Beezer smiled his gap-toothed grin and Lisa smiled back. After all, it had been as much her fault as his. She’d agreed to sit upon the handlebars as he steered her pink beach cruiser down the steep switchbacks. Turns out, this made maneuvering difficult and the incline did the rest. Beezer had dumped them both over to prevent the bike from careening completely off the road. He’d gotten the worst of it, not from the wreck, but from the removal of the bike from the thorny blackberry bushes growing wild in the ditch. Beezer’s close-cropped blond hair and Ron Jon t-shirt were wet from the Georgia summer heat and his efforts to tug the bicycle back to the road. Lisa took a moment to straighten the barrettes that struggled to contain her insubordinate wavy brown hair. Neither of them wanted questions from the parentals.  For insurance, they picked enough blackberries for a cobbler, wrapping them carefully in Beezer’s shirt, before returning to the cabin. The diversion worked long enough to get them inside and upstairs, but five minutes later they heard Beezer’s mom call from the kitchen.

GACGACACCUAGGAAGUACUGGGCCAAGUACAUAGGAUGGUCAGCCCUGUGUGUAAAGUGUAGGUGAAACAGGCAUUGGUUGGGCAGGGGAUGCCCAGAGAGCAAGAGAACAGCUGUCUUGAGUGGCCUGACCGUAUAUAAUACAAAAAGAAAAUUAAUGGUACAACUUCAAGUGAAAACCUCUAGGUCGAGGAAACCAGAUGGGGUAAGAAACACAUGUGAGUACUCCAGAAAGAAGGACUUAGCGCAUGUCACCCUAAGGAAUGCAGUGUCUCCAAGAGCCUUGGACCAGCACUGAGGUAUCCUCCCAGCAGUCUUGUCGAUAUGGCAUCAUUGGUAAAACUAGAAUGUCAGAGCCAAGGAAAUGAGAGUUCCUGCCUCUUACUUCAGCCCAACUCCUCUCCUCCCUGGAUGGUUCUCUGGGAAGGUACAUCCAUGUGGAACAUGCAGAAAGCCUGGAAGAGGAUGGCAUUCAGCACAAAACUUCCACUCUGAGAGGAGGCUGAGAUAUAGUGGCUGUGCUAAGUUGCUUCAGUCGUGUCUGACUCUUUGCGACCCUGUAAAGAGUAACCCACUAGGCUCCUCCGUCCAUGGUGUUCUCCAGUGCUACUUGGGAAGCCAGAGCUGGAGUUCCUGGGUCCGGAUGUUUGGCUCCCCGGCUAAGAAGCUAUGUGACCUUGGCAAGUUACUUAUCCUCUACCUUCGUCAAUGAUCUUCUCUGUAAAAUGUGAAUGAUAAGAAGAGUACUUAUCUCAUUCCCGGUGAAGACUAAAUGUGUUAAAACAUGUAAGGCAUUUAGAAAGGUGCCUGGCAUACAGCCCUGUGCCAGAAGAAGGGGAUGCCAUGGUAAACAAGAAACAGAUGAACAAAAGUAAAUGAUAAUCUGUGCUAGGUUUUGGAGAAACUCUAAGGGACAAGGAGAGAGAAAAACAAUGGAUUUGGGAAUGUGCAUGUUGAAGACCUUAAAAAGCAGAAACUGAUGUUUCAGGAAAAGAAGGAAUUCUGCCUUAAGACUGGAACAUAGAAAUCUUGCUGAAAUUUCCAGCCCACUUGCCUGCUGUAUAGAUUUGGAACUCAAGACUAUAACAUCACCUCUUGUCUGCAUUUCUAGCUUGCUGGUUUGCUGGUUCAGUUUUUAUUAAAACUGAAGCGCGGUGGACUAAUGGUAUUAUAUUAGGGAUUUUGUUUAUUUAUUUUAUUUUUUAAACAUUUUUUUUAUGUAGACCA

“Benjamin Zachariah Ross! Did you intentionally ruin this shirt?”

Lisa snorted with laughter.

“Goofball,” Beezer said.

“Stupidhead,” Lisa replied.

At least there wouldn’t be stitches this time. The waterbed adventure at the lake three weeks earlier had earned Lisa nine. Filling the patched-up mattress with air and jumping on it from the pier had seemed like an awesome way to pass a hot afternoon. However, seven minutes in, Lisa had been catapulted with impressive height into the closest splintery piling. When she had sputtered back to the surface, blood coursed down her face from a cut at her hairline. Beezer had fished her out of the water and pressed a wet beach towel to her face. Soon, both the towel and Lisa’s freckled face were streaked with watery red. Lisa had joked, “Good thing there are no sharks in the lake or we’d really be in trouble.” This had gotten a laugh from Beezer. He’d looked a little worried.